Five things you can do right now to bring hot sex back into your relationship
Where did the spark go?
Every relationship goes through a dip in sexual intensity, particularly following the thrill of getting to know each other. Still, it always feels like a surprise when that excitement wanes.
It’s a normal cycle. But that doesn’t mean you have to settle for boring sex. In fact, as a Certified Sex Therapist, I’ve seen just about every sexual challenge a couple can experience, and the most common question I hear is “how do we get that spark back?”
Your “boring sex” probably means your relationship is deepening.
First, there’s good news. You’ve become comfortable with one another. You’ve gotten to know someone deeply and that “boredom” you’re feeling is, believe it or not, a good sign.
Familiarity breeds deep connection.
You see, that familiarity means you’re no longer in that “exploration” mode. You’ve graduated. So, before you bemoan your waning sex life, honor the intimacy you’ve built with your partner. Well done.
You have a partner.
Second, you’re not alone in this problem. You’ve got a partner. And, best of all, your partner may be feeling the same way you’re feeling. You can fix this together and that will bring you closer.
By the way, the two of you are not alone, either. I’m here to help. Despite how it feels right now, you can stop having boring sex and make intimacy exciting, again. I have years of experience with clients just like you as proof.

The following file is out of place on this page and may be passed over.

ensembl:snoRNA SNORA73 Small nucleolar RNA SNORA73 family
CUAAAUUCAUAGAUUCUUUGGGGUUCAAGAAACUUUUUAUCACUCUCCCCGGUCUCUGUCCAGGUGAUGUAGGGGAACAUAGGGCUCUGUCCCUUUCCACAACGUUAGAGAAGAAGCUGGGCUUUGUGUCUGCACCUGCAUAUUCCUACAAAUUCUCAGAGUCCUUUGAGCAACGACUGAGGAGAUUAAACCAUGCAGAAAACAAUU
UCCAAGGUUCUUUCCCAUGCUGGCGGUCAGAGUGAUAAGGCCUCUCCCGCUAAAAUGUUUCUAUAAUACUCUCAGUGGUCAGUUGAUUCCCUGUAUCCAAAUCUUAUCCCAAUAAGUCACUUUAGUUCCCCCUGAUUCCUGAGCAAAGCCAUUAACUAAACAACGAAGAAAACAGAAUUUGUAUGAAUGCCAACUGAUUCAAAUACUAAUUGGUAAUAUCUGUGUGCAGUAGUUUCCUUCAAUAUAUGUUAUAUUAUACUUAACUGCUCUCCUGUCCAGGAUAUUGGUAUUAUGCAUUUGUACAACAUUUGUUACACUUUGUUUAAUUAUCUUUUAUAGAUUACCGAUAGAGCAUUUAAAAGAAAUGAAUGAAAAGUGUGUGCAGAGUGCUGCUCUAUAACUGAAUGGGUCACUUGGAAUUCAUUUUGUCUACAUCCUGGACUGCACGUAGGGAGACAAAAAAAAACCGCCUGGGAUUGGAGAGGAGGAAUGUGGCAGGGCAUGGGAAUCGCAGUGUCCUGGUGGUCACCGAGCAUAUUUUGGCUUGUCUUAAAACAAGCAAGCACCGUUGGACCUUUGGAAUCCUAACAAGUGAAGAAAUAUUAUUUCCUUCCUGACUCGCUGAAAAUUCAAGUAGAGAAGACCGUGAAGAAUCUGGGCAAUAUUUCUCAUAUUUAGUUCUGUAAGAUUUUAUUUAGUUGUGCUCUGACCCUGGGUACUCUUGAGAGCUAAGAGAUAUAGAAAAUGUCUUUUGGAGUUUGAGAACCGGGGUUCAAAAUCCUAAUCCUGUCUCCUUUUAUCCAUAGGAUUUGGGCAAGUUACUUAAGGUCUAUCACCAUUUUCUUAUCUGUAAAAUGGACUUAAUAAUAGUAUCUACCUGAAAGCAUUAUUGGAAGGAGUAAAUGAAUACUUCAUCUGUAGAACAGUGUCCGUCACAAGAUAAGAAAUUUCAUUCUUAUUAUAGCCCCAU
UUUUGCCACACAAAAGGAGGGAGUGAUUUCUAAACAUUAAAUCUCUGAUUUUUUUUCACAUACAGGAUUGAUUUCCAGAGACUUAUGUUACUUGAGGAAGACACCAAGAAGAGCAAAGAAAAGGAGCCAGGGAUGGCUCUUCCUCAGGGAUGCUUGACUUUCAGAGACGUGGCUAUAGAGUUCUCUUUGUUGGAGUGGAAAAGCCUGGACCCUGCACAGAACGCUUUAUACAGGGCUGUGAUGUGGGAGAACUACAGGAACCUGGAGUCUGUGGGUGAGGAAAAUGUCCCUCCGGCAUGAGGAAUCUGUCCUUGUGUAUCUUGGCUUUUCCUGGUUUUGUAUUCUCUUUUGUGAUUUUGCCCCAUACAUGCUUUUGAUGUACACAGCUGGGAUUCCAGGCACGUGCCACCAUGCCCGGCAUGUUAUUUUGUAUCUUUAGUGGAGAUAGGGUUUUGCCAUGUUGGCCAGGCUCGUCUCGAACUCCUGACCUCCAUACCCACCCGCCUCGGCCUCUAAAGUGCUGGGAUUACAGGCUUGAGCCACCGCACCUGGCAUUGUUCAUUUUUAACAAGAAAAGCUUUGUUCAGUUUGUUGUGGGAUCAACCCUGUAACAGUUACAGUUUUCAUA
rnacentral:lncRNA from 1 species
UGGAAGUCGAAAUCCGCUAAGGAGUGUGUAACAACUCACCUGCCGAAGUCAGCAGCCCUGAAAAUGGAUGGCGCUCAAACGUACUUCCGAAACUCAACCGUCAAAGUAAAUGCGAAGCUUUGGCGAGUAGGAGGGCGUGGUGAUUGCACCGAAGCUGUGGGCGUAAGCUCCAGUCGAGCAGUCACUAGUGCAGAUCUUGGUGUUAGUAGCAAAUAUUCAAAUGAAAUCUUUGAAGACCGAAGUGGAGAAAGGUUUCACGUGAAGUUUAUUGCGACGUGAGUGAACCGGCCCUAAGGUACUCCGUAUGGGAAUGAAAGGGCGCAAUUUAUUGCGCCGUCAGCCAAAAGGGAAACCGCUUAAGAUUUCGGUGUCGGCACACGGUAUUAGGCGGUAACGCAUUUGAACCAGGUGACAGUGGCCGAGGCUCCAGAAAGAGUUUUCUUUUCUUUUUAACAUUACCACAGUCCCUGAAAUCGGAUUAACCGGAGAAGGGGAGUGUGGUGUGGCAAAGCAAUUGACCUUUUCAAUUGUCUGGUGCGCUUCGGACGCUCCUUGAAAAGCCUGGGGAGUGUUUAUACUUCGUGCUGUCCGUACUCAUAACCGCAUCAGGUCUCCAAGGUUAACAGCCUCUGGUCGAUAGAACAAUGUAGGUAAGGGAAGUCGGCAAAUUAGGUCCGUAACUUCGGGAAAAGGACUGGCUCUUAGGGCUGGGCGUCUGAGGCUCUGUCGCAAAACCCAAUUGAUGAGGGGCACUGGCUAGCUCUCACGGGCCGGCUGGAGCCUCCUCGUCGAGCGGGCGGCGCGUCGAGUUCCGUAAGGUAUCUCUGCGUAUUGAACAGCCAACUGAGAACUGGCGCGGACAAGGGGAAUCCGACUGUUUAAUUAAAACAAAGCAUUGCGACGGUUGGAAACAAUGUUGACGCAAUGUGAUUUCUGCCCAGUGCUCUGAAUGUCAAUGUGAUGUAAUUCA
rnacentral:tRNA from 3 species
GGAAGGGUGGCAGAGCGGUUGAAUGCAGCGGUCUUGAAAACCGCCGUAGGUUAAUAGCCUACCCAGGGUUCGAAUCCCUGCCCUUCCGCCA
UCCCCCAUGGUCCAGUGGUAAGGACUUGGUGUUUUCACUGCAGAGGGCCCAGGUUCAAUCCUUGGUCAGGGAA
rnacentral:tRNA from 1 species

The secret to bringing your sex “from not to hot” is communication with your partner. Just telling each other there’s a problem will take you most of the way toward a solution.
Not sure about the value of communication? That’s a fair question. But here’s my response: in the history of problems how many have been solved by NOT acknowledging them? Exactly zero.
Are you ready to change your sex life in five steps?
(and are you ready for a bonus sixth step?)
- One of you has to break the ice. It may as well be you. Tell your partner what you like about your sexual relationship. Name what’s working well. Be specific about what you currently enjoy about what you’re both doing.
- Be aware of how you make room in your schedule and in your head to be a sexual person. When couples are in a more established, committed relationship, the shiny newness of sex tends to disappear. Continue to make sex a priority and not an afterthought at the end of a long work day/day with the kids.
- Aim for “good enough sex.” Too often, couples chase that high-five, fiery passionate experience, which is wonderful. But that’s not realistic every single time. Discuss with your partner how you define “good enough sex.”
- Expand your definition of “sex.” Sex doesn’t only mean penis-in-vagina intercourse. Sex means many different things to many people. It can be anything you do that involves giving and receiving pleasurable touch. This really opens up the possibilities, doesn’t it? For instance, it can involve genitals, but it doesn’t have to. It can involve orgasm, but it doesn’t have to. It can involve nudity, but not always.
- Flip the script. Too often couples fall into a predictable sexual role that gets boring really quickly. Break out of the rut and do something different. Talk about your fantasies. Talk can be sexy. Brainstorm ways you’d like to shake up the routine and try something outside of your norm.
And here’s your bonus tip:
If you’re having problems with your relationship – even if that relationship is with yourself, don’t suffer alone. There’s help out there. You should feel great about the relationship you have with your partner and with yourself. Call me to schedule your free consultation.